On June 18, 2019, Connecticut Governor Ned Lamont signed Connecticut SB-3 sexual harassment law known as the “Time’s Up” law. The law significantly changes the sexual harassment laws affecting Connecticut employers, but navigating the changes can be difficult.

What are Connecticut’s harassment training requirements? 

For the first time Connecticut’s harassment law SB-3, requires employers with three or more employees to provide sexual harassment training, and all Connecticut employers are required to provide sexual harassment training to supervisors. All training must be provided by October 1, 2020 or within six months of an employee assuming a supervisory role.

How can you comply with Connecticut’s workplace harassment laws

The Connecticut workplace harassment laws require that you teach employees, in an interactive way, about the federal and state statutory provisions covering sexual harassment and the remedies available to people who experience harassment.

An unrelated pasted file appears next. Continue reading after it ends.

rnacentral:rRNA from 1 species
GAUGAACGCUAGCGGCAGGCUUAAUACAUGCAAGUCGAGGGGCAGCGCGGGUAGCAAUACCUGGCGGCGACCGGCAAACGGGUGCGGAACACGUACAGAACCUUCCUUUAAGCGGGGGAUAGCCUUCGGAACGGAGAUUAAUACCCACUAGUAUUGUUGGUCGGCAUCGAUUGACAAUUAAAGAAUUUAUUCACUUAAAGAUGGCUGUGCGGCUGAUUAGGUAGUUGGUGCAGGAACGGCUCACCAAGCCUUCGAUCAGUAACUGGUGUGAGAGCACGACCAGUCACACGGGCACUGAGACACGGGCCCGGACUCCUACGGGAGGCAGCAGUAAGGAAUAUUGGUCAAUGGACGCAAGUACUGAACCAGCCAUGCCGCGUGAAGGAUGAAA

Who does this apply to?  

Employers with three or more employees must provide both supervisory and non-supervisory employees with at least two hours of training within six months of hire.

What does this mean for you? 

Due to the sweeping nature of the mandate, you will likely need to take some new steps to satisfy Connecticut’s harassment training requirements.  As a first step, you will need to schedule and deliver sexual harassment training to your entire existing workforce and make a plan for new hires.

Want to learn more about the mandates across the United States? 

Explore our interactive guide to sexual harassment prevention training requirements nationwide.

Schedule a product walkthrough and learn more.

At EVERFI we believe

Not All Compliance Programs Are Created Equal.

We build online training that goes beyond “checking-the-box” to give employees the tools to take an active role in your culture of compliance. Our programs are systematically updated by our in-house team of legal experts as the legislative landscape changes. This frees you up to focus on your organization’s culture of compliance, and not just if your program meets Connecticut’s harassment training requirements.